Shaun explains the communications system used is TeamSpeak V2, a PC-based program most commonly used by gamers to communicate with their teammates. On start-up the computers connect to VSSEC’s Cisco wireless network, run a login script and join the communications server with the correct naming and grouping. The educator running the session can drag and drop students’ logins into different groups to talk, depending on their specific role within the mission. At Mission Control, communication is configured as push-to-talk, whereas for the astronauts it is voice activated.
“This is probably one of the more unusual applications of TeamSpeak, but it is a simple solution, and it works really well,” says Shaun.
Once they are geared up, the astronauts enter the Mars Lander, a small metal-clad chamber which simulates landing on the surface of Mars thanks to some flashing lights, alarms, mechanical noise and muffled announcements. As they push through the doors and exit the lander, the student astronauts find themselves in a Martian landscape of red dust and large red boulders. A giant inflatable canvas dome encloses the set helping to create an other-worldly atmosphere, as well as hiding the technical infrastructure beyond. The canvas beautifully diffuses light from the 11 banks of dimmable-ballast, orange-sleeved fluorescent tubes encircling the space. Under the control of an Enttec DMXStreamer, these fluoros are run through a range of pre-programmed sequences to provide effects such as dawn breaking and planetary storms.
A surveillance camera mounted on top of the lander enables Mission Control to monitor the astronauts when they first land on the surface. Once the astronauts set up a portable camera on a communications cart, they communicate with Mission Control who then switch their monitoring source to the portable camera. The mission controllers are then able to monitor and direct the astronauts as they gather their rock and soil samples.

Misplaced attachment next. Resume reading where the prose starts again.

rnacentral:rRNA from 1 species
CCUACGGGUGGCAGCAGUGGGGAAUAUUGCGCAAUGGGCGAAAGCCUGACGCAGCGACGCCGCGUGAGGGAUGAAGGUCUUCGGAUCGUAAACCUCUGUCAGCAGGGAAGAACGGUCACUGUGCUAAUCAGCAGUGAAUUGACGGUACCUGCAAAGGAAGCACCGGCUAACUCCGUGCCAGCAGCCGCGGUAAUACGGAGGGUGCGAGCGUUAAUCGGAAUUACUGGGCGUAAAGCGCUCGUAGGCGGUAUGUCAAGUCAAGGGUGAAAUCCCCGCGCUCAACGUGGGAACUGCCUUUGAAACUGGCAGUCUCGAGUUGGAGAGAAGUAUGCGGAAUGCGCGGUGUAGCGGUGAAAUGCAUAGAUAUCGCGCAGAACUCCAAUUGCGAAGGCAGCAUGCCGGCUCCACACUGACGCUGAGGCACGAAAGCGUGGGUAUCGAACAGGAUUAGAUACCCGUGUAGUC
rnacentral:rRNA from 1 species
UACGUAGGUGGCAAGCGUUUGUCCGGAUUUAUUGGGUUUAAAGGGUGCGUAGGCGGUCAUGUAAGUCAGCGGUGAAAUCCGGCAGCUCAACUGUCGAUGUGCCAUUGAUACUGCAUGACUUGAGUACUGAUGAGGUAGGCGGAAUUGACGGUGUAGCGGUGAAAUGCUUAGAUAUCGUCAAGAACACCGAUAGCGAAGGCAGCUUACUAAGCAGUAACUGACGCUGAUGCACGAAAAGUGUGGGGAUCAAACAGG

The floor of the Martian surface is a large curved dish sitting over a grid of floorpits. In order to mimic the surface and conditions of Mars, some sections of the floor are heated to simulate lava flow. The VSSEC lab staff use dry ice to freeze another section of the floor prior to each mission so that the astronauts can take an ‘ice core’ sample in their exploration. Subwoofer ‘shakers’ are even installed under the floor so the students can take seismic readings.
HOUSTON: WE’VE SOLVED A PROBLEM
Back at Mission Control, the controllers work their way through mathematical problem solving using custom software to track a solar storm and calculate how long before it will reach the astronauts. If they miscalculate and don’t evacuate the astronauts in time, the Mars surface plunges into darkness and a high-powered Dataflash AF1000 strobe fires up and any astronauts left on the surface are dead.
“Mission to Mars is definitely the most popular program because it’s very hands-on and quite unique. It’s definitely not something you would find in your local school,” says Shaun.
The effective lighting design for the Mars surface was done by lighting design company Bluebottle, and the installation and equipment including Dynalite dimmers for the fluoros, an LSC dimmer rack, the Dataflash strobe and eight Selecon Pacifics used for gobo break-ups, were provided by Lightmoves.
To simplify operation of the Mars experience, Shaun plans to integrate the shakers, lighting, floor heaters and dome inflation fans into the facility’s Crestron control system. This will enable them to be controlled from the Crestron TPS-6L touchpanel installed in the Mars briefing room as well as from other Crestron touchpanels throughout the centre. Three of the new Crestron TPMC-8X wireless touchpanels have been purchased to replace older model wired touchpanels in the Massimo Room, theatre and a central entry and teaching space. The older units will be re-used in other spaces within VSSEC to further expand the control network.